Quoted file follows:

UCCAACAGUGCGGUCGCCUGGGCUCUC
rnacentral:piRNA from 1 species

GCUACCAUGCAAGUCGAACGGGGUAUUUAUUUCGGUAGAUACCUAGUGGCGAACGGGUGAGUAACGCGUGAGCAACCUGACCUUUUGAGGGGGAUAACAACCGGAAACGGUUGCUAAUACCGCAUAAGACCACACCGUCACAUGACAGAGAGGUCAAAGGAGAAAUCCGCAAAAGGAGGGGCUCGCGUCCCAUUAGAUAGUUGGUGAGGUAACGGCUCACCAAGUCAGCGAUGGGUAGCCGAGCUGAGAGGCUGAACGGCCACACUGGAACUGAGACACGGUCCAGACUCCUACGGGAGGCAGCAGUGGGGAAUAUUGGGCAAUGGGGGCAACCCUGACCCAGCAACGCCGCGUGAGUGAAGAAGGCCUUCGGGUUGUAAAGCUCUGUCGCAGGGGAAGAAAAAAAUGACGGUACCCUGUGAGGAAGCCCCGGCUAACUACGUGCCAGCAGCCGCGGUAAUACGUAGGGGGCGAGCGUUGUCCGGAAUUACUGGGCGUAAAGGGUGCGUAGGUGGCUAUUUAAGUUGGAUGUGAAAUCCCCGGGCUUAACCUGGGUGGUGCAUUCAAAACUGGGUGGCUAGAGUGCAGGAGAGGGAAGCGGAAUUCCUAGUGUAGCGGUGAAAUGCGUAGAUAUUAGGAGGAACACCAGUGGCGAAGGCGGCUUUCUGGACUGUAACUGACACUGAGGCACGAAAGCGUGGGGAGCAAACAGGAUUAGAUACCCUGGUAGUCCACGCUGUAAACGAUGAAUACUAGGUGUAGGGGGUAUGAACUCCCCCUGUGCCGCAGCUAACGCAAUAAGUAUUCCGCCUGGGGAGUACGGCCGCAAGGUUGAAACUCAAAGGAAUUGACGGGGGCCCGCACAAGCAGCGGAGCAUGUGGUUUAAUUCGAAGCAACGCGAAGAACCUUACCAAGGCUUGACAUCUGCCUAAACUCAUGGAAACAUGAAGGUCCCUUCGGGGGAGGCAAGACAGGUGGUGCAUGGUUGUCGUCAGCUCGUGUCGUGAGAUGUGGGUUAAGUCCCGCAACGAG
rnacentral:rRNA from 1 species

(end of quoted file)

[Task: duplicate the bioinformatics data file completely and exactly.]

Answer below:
UCCAACAGUGCGGUCGCCUGGGCUCUC
rnacentral:piRNA from 1 species

GCUACCAUGCAAGUCGAACGGGGUAUUUAUUUCGGUAGAUACCUAGUGGCGAACGGGUGAGUAACGCGUGAGCAACCUGACCUUUUGAGGGGGAUAACAACCGGAAACGGUUGCUAAUACCGCAUAAGACCACACCGUCACAUGACAGAGAGGUCAAAGGAGAAAUCCGCAAAAGGAGGGGCUCGCGUCCCAUUAGAUAGUUGGUGAGGUAACGGCUCACCAAGUCAGCGAUGGGUAGCCGAGCUGAGAGGCUGAACGGCCACACUGGAACUGAGACACGGUCCAGACUCCUACGGGAGGCAGCAGUGGGGAAUAUUGGGCAAUGGGGGCAACCCUGACCCAGCAACGCCGCGUGAGUGAAGAAGGCCUUCGGGUUGUAAAGCUCUGUCGCAGGGGAAGAAAAAAAUGACGGUACCCUGUGAGGAAGCCCCGGCUAACUACGUGCCAGCAGCCGCGGUAAUACGUAGGGGGCGAGCGUUGUCCGGAAUUACUGGGCGUAAAGGGUGCGUAGGUGGCUAUUUAAGUUGGAUGUGAAAUCCCCGGGCUUAACCUGGGUGGUGCAUUCAAAACUGGGUGGCUAGAGUGCAGGAGAGGGAAGCGGAAUUCCUAGUGUAGCGGUGAAAUGCGUAGAUAUUAGGAGGAACACCAGUGGCGAAGGCGGCUUUCUGGACUGUAACUGACACUGAGGCACGAAAGCGUGGGGAGCAAACAGGAUUAGAUACCCUGGUAGUCCACGCUGUAAACGAUGAAUACUAGGUGUAGGGGGUAUGAACUCCCCCUGUGCCGCAGCUAACGCAAUAAGUAUUCCGCCUGGGGAGUACGGCCGCAAGGUUGAAACUCAAAGGAAUUGACGGGGGCCCGCACAAGCAGCGGAGCAUGUGGUUUAAUUCGAAGCAACGCGAAGAACCUUACCAAGGCUUGACAUCUGCCUAAACUCAUGGAAACAUGAAGGUCCCUUCGGGGGAGGCAAGACAGGUGGUGCAUGGUUGUCGUCAGCUCGUGUCGUGAGAUGUGGGUUAAGUCCCGCAACGAG
rnacentral:rRNA from 1 species